East Lansing School Board exploring equity issues

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The East Lansing School Board on Oct. 9 discussed the continuation of equity issues in the district.

Three years ago, ELPS announced a series of changes to improve its DEI efforts. The district proceeded to try and increase diversity in the faculty and staff and create programs to increase inclusion.

In September at MacDonald Middle School, a teacher was suspended for the second time in four months for using racial slurs and inappropriate language.

Following these events Brandy Branson, representative for the East Lansing Parent Advocacy Team (ELPAT), proposed a question:

“Are the sessions being looked at from an equity lens?”

“I heard no definitely, everyone skirted around all of that, and I tried very hard on parent perspective,” Branson said. “I heard them say Claudia…Claudia… you have a whole team that we just hired that is on safety, health, mental all of those things that should have been spoken of. I am offended because I know who Claudia is and every time I heard that come out of their mouths I felt like you were saying we have our one black person that can speak for all minorities. And that is not looking at something from an equity lens.”

Brad Lutz, a father of children in the district, said the district needs to do more with their equity efforts for the children.

“I think we need an investment in doing equity audit in this district,” Lutz said. “As a parent in this district of both white and brown children I can see the vast differences in how both those sets of kids are treated in this district. We’re not going to get a good equity policy and I applaud all the good work going on in the education sessions. But there’s things we need to target so that we are not back here again.”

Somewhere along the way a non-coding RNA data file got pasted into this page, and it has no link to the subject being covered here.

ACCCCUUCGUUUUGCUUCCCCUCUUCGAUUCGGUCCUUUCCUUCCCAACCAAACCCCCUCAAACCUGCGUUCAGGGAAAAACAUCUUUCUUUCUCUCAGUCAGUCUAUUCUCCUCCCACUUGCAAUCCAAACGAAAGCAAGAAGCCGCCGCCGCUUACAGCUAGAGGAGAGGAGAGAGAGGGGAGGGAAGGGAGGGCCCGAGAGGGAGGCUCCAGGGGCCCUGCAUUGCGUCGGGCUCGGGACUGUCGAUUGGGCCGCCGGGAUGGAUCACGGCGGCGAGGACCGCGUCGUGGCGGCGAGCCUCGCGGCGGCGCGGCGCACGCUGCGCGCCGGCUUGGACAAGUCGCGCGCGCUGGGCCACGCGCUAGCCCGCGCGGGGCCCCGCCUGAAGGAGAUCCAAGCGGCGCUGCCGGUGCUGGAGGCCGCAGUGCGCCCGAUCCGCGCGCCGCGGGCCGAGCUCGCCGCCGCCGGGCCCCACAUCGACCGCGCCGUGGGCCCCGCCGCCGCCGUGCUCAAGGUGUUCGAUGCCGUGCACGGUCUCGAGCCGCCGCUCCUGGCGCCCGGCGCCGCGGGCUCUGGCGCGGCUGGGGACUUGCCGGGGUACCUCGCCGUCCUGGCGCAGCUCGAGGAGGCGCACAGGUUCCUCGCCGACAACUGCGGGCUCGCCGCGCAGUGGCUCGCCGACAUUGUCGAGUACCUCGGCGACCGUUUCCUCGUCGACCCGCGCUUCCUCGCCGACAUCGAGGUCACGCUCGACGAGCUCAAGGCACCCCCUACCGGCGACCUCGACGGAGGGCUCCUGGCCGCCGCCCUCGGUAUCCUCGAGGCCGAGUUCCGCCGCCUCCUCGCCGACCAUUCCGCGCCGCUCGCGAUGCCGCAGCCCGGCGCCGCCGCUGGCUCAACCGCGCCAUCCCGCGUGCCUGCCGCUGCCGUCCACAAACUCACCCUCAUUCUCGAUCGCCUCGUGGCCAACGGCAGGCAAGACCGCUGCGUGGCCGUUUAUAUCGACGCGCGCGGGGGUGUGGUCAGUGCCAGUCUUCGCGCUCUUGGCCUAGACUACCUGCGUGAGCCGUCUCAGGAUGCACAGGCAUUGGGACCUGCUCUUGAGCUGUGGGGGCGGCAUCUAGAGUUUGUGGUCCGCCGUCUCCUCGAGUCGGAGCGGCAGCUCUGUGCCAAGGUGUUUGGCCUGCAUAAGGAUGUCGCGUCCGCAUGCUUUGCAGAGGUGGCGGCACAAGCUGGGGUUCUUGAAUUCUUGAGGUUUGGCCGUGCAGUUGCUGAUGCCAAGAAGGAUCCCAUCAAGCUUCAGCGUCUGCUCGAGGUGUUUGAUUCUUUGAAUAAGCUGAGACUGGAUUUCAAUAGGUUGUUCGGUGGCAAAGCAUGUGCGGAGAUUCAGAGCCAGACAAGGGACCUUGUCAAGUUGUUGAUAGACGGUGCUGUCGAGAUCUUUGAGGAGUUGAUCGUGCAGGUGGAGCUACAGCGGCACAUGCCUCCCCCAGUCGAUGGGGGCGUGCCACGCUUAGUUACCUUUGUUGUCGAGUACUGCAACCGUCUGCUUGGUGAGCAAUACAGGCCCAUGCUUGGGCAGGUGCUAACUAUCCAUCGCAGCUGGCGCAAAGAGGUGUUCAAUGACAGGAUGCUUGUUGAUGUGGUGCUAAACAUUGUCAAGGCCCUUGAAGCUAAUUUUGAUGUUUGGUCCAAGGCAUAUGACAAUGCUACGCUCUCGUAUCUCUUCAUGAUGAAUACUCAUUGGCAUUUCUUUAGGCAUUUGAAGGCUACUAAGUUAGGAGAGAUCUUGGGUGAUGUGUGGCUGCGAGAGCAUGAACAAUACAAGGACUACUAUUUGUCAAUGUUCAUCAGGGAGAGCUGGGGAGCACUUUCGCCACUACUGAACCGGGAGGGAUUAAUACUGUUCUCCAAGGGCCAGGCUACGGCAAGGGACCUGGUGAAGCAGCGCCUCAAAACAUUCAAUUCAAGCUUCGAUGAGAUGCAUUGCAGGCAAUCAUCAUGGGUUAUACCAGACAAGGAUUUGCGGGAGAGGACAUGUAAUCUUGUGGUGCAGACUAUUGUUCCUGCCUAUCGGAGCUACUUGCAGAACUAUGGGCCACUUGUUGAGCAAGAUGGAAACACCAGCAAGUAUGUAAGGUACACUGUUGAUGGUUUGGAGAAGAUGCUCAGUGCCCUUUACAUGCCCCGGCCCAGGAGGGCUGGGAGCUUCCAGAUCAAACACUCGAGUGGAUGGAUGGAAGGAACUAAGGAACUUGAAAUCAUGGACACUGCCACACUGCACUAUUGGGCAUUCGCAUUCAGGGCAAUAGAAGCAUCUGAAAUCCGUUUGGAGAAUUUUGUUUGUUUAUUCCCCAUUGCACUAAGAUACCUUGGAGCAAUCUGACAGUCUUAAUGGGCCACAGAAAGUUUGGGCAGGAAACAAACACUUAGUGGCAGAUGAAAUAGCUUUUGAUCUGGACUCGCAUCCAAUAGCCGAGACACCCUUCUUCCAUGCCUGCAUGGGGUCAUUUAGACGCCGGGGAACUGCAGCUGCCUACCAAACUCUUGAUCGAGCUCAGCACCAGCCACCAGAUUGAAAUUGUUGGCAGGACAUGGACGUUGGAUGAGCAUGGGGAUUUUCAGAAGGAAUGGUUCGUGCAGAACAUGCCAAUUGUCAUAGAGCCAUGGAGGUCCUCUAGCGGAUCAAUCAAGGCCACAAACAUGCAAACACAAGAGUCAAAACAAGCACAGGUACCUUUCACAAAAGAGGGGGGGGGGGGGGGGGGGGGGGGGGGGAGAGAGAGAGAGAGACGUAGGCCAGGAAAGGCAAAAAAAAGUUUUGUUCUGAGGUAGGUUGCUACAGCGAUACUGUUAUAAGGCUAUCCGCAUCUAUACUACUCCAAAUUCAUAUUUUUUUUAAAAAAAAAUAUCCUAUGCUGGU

Coming into the meeting Lutz pointed out issues that needed to be fixed and recognized.

“Walking into the building tonight I hit the handicap entrance to open the door and guess what the door was locked,” Lutz said. “We have a lot of blind spots in our district and were not going to move forward until we have someone come from outside and take a look at it for us.”

Moving forward ELPAT wants the district to implement a dashboard for all the schools where they can report what is happening at the schools and have the principles of each school come to board meetings and report.

“That the community knows what is actually happening at the schools, what is happening with the children should never be a surprise,” Branson said. “It is something that should be required from a district standpoint.”

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